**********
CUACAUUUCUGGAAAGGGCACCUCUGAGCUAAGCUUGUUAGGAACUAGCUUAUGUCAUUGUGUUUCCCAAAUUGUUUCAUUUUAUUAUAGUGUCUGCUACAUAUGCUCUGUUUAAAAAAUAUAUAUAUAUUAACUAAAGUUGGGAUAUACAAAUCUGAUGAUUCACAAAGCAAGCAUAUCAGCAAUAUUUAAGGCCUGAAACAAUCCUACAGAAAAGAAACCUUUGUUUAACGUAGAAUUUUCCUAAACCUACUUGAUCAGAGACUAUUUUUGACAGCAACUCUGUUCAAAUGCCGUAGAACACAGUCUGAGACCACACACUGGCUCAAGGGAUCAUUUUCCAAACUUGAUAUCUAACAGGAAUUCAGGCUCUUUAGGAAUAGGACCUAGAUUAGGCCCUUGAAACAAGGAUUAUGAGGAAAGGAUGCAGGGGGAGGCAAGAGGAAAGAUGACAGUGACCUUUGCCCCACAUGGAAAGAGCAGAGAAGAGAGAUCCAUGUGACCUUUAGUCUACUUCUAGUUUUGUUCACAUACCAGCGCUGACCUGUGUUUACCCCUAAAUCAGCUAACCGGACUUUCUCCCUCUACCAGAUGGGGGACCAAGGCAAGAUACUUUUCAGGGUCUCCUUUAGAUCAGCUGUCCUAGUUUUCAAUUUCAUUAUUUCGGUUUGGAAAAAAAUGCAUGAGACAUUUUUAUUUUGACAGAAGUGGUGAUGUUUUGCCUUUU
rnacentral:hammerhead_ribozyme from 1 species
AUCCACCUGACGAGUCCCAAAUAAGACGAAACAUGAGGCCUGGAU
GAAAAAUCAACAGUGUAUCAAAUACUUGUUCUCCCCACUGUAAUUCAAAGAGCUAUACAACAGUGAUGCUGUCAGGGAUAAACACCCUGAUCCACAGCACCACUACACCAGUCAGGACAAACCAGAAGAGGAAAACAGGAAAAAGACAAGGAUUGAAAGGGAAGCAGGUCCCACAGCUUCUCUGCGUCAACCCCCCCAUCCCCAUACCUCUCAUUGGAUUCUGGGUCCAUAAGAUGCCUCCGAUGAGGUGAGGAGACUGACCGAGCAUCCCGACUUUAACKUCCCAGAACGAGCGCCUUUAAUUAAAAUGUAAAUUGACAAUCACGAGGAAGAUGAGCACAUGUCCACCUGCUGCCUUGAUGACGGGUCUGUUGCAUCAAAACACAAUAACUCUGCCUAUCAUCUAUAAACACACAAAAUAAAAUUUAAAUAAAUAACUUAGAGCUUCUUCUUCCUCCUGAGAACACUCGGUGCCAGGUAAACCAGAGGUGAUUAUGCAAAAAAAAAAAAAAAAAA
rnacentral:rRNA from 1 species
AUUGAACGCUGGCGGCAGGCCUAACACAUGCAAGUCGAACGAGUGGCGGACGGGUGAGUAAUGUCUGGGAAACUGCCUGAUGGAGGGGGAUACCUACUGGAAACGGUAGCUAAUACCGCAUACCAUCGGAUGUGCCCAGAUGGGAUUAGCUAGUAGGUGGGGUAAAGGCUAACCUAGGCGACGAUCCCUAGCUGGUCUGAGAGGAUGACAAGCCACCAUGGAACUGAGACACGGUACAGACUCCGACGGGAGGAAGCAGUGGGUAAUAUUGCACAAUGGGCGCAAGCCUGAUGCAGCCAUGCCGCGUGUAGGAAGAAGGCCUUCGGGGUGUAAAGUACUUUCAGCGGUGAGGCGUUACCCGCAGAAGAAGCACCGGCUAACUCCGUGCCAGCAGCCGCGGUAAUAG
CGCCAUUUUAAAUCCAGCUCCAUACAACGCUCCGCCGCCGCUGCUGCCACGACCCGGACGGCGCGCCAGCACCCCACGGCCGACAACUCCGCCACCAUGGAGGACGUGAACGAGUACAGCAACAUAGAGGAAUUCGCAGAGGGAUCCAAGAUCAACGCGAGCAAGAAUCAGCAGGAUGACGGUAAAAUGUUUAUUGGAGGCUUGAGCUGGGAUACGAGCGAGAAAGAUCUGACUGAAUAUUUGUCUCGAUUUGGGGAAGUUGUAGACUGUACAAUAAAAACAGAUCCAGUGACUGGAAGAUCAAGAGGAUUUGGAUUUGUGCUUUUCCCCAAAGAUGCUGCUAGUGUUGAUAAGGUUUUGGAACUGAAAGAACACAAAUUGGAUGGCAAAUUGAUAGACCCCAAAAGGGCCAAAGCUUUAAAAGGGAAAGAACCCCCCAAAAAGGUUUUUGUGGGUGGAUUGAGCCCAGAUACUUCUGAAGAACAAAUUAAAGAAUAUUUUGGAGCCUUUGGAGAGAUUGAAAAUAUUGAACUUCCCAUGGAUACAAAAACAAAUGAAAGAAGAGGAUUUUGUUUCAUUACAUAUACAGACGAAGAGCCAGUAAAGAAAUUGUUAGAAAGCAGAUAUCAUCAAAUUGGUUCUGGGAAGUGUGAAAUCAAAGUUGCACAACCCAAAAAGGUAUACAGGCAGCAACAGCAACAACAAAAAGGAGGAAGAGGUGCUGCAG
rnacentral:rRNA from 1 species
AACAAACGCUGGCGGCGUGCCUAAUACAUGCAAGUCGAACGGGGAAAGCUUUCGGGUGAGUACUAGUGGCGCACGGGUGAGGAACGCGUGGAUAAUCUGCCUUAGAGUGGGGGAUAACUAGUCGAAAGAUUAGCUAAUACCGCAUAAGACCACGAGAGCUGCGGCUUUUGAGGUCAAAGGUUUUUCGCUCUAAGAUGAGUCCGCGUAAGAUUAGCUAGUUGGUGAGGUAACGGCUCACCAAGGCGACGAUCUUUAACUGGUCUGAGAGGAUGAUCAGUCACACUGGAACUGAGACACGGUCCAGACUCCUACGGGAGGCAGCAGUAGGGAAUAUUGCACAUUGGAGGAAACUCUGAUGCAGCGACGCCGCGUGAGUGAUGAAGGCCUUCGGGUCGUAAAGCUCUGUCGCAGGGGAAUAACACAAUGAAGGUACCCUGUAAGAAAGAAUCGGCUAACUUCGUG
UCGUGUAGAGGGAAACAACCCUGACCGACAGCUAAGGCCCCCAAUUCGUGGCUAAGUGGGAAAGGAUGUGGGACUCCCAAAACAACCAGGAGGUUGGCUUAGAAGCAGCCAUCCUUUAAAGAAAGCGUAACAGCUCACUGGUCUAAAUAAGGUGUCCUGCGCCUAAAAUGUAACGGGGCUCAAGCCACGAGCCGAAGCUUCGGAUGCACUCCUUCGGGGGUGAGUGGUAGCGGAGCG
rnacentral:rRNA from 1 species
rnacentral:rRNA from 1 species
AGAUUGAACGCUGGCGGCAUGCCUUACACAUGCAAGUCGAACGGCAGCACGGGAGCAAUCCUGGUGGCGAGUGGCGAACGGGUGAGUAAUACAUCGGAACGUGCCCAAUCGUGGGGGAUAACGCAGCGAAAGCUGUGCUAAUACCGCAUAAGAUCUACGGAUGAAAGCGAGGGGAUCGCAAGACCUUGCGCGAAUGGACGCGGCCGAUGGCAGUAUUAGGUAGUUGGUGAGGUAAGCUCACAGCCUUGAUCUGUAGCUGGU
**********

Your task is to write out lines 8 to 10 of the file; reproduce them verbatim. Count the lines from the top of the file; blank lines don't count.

rnacentral:rRNA from 1 species
AACAAACGCUGGCGGCGUGCCUAAUACAUGCAAGUCGAACGGGGAAAGCUUUCGGGUGAGUACUAGUGGCGCACGGGUGAGGAACGCGUGGAUAAUCUGCCUUAGAGUGGGGGAUAACUAGUCGAAAGAUUAGCUAAUACCGCAUAAGACCACGAGAGCUGCGGCUUUUGAGGUCAAAGGUUUUUCGCUCUAAGAUGAGUCCGCGUAAGAUUAGCUAGUUGGUGAGGUAACGGCUCACCAAGGCGACGAUCUUUAACUGGUCUGAGAGGAUGAUCAGUCACACUGGAACUGAGACACGGUCCAGACUCCUACGGGAGGCAGCAGUAGGGAAUAUUGCACAUUGGAGGAAACUCUGAUGCAGCGACGCCGCGUGAGUGAUGAAGGCCUUCGGGUCGUAAAGCUCUGUCGCAGGGGAAUAACACAAUGAAGGUACCCUGUAAGAAAGAAUCGGCUAACUUCGUG
UCGUGUAGAGGGAAACAACCCUGACCGACAGCUAAGGCCCCCAAUUCGUGGCUAAGUGGGAAAGGAUGUGGGACUCCCAAAACAACCAGGAGGUUGGCUUAGAAGCAGCCAUCCUUUAAAGAAAGCGUAACAGCUCACUGGUCUAAAUAAGGUGUCCUGCGCCUAAAAUGUAACGGGGCUCAAGCCACGAGCCGAAGCUUCGGAUGCACUCCUUCGGGGGUGAGUGGUAGCGGAGCG